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KBA North America and Allied Printing Services team for Large Format Success

Monday, April 18, 2005

Press release from the issuing company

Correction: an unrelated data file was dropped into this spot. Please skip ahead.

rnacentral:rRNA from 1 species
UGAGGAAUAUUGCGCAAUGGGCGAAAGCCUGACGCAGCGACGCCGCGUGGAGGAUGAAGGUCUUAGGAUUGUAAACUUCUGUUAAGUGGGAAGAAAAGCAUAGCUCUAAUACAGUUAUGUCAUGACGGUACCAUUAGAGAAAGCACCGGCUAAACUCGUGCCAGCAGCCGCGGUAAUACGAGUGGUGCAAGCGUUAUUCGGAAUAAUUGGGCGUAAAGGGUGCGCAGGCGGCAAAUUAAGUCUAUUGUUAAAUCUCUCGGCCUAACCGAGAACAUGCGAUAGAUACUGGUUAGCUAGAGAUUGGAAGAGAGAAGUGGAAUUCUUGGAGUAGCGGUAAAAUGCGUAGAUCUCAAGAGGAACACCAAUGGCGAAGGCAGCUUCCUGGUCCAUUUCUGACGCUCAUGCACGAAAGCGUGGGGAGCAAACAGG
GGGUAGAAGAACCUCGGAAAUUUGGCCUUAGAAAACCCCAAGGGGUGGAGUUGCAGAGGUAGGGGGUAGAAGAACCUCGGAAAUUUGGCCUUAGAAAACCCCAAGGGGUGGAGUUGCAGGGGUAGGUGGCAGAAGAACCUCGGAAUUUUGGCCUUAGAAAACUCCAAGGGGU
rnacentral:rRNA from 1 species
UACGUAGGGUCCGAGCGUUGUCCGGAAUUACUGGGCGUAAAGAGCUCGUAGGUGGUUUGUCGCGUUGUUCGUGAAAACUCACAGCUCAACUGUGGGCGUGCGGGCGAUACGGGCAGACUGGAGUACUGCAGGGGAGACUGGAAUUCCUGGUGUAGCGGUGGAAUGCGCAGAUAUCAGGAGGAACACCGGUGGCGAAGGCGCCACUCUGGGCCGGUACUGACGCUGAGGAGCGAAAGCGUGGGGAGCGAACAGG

April 15, 2005 -- KBA North America, a leading sheetfed offset press manufacturer based in Williston, Vt., is announcing that Allied Printing Services Inc., a large sheetfed and web commercial and financial printer serving customers nationwide and located in Manchester, Connecticut, is successfully utilizing its new KBA Rapida 142 56” six-color large format press with aqueous coating. The press was installed in early September and was up and running by late September/early October. “Everyone in our company has embraced the new Rapida press,” says John Sommers, president and CEO of Allied Printing, who operates the family-owned business along with his brother Gerry Sommers, executive vice president. “It takes many months to go through the decision-making process to purchase a new press. We looked at the over-sized printing  jobs we were sending out to trade printers. We realized that 90% of the work was under the 56-inch range. But we realized that this 56-inch press would be more productive and economical in our own plant.” New features, new substrates For example, Allied Printing is using some styrene to print new oversize jobs. The firm worked with an ink manufacturer to produce the highest quality on this unique substrate. The new Rapida 142 is also UV-ready if Allied chooses to equip the press with UV lamps later down the road. Allied also had the KBA press equipped with a slitter at the delivery end of the press to slit large sheets into two-up jobs. Since the installation, Sommers has been impressed with many innovative technology aspects of the Rapida 142 press.  “The feed table on the Rapida 142 accommodates large sheets of paper and automatically transports sheets to the front lays with only two wide suction belts,” he explains. “We are impressed with the Rapida’s ability to transfer medium and heavy sheets through the press without marking the sheet.” The Rapida 142 is equipped with three different double-sheet sensors. The ultrasonic double-sheet detector is an ideal choice for practically the whole range of substrates from paper to board, metallized stocks and even plastic materials. A capacitive sensor is preferred for thicker substrates. The third alternative, an optical system, handles a wide spectrum of substrates from paper to corrugated board. Simple switching via the press console activates the most favorable system for the present substrate. “We are also impressed with the speed of the Rapida’s automated plate hanging abilities,” says Sommers. The Rapida 142 press is equipped with single holders rather than plate cassettes, so as not to place unnecessary limitations on flexibility. The new plates can already be placed in the holders in advance. When the process is then activated from the control console, the press changes the plates in just three cycles, taking less than four minutes to do so - irrespective of the number of printing units involved. Winning over new customers In its brief six months of operation, the new Rapida 142 is already winning new jobs for Allied Printing Services. Sommers reports, for example, that a brand new customer is giving Allied a long-run job every other month to be produced on the Rapida. “Our salesperson was calling on the account,” says Sommers, “and when we installed the new press, the company sent us a test sample to produce. The company was very impressed with the quality of the Rapida 142 and gave us the contract. We would never have won that contract with our 40-inch presses because of the size and quantity the piece ran.” Having the Rapida 142 in-house is also eliminating the need for Allied to send oversize jobs to trade printers. “When we had an oversized job produced at another printer’s shop, we had to send our own employees to the location to approve the press sheet,” recalls Sommers. “It required a great deal of time and money. Plus, we wanted to maintain our own high quality level within our shop. Sending a job to another printer was always bothersome to me. Having the Rapida 142 in our own shop allows us to control the scheduling as well as our own high quality level.” First KBA press This is Allied Printing’s first press from KBA North America. “We invited KBA to do a presentation for us and we were pleasantly surprised to learn about their technology, their diverse press line, and their strengths,” says Sommers. “During the presentation we found out an interesting fact that KBA presses print 95% of the world’s currency. Then we went to Drupa 2004 to see their presses in action. We were quite impressed. We also did not know that KBA presses are built by a team that follows the press to the printer’s installation site. That’s very unusual and we like that approach. This helps installing the press in a minimum of time.” To prepare for the installation of the new press, Allied laid a large slab of cement measuring 84 feet long by eight feet wide by 20-inches deep where the new press was installed.  The firm purchased a new CTP system to match the larger size of the new press and new fork lifts for oversized material handling. As its customers come to visit at Allied’s Manchester facility, a stop at the new Rapida 142 56-inch sheetfed press is a must. “Anytime a new piece of equipment can offer new print opportunities, we like to share it with our customers,” says Sommers. “When an oversized job comes up, we feel that our customers will think of our the new Rapida 142.” First-ever oversize 2005 calendar  In addition, for the first time in its history, Allied produced its own 2005 calendar for its customers using the new Rapida 142. Sommers wanted the calendar to convey the size, quality, and ability to print on different substrates. Working with KBA, Allied procured an image of the Rapida 142 and printed an entire 54 x 38-inch sheet of the press image and the 2005 calendar year. On the top and bottom of the sheet, Allied used a plastic substrate and printed its logo on the top of the sheet. Each calendar was rolled, bagged, and sent to customers. “When they open up the calendar, the huge size of the sheet will make an impression on them,” says Sommers. “We hope that when they hang the calendar in their office that first impression will stay with them throughout the whole year.”